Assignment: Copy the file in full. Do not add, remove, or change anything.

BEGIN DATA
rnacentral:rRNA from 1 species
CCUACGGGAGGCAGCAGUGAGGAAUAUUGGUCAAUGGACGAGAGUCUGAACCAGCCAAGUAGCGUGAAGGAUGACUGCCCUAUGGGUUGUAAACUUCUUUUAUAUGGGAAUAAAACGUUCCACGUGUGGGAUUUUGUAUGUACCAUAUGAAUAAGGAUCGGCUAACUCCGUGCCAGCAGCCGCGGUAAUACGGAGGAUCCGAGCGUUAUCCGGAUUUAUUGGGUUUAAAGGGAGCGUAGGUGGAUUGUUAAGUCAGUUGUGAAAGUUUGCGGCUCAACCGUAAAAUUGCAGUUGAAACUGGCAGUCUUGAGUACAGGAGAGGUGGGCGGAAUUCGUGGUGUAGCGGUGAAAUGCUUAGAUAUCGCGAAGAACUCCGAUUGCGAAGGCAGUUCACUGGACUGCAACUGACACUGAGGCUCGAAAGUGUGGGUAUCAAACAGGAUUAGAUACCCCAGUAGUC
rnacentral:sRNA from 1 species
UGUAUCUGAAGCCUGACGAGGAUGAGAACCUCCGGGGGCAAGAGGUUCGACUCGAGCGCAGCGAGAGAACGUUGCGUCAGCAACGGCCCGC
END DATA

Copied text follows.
rnacentral:rRNA from 1 species
CCUACGGGAGGCAGCAGUGAGGAAUAUUGGUCAAUGGACGAGAGUCUGAACCAGCCAAGUAGCGUGAAGGAUGACUGCCCUAUGGGUUGUAAACUUCUUUUAUAUGGGAAUAAAACGUUCCACGUGUGGGAUUUUGUAUGUACCAUAUGAAUAAGGAUCGGCUAACUCCGUGCCAGCAGCCGCGGUAAUACGGAGGAUCCGAGCGUUAUCCGGAUUUAUUGGGUUUAAAGGGAGCGUAGGUGGAUUGUUAAGUCAGUUGUGAAAGUUUGCGGCUCAACCGUAAAAUUGCAGUUGAAACUGGCAGUCUUGAGUACAGGAGAGGUGGGCGGAAUUCGUGGUGUAGCGGUGAAAUGCUUAGAUAUCGCGAAGAACUCCGAUUGCGAAGGCAGUUCACUGGACUGCAACUGACACUGAGGCUCGAAAGUGUGGGUAUCAAACAGGAUUAGAUACCCCAGUAGUC
rnacentral:sRNA from 1 species
UGUAUCUGAAGCCUGACGAGGAUGAGAACCUCCGGGGGCAAGAGGUUCGACUCGAGCGCAGCGAGAGAACGUUGCGUCAGCAACGGCCCGC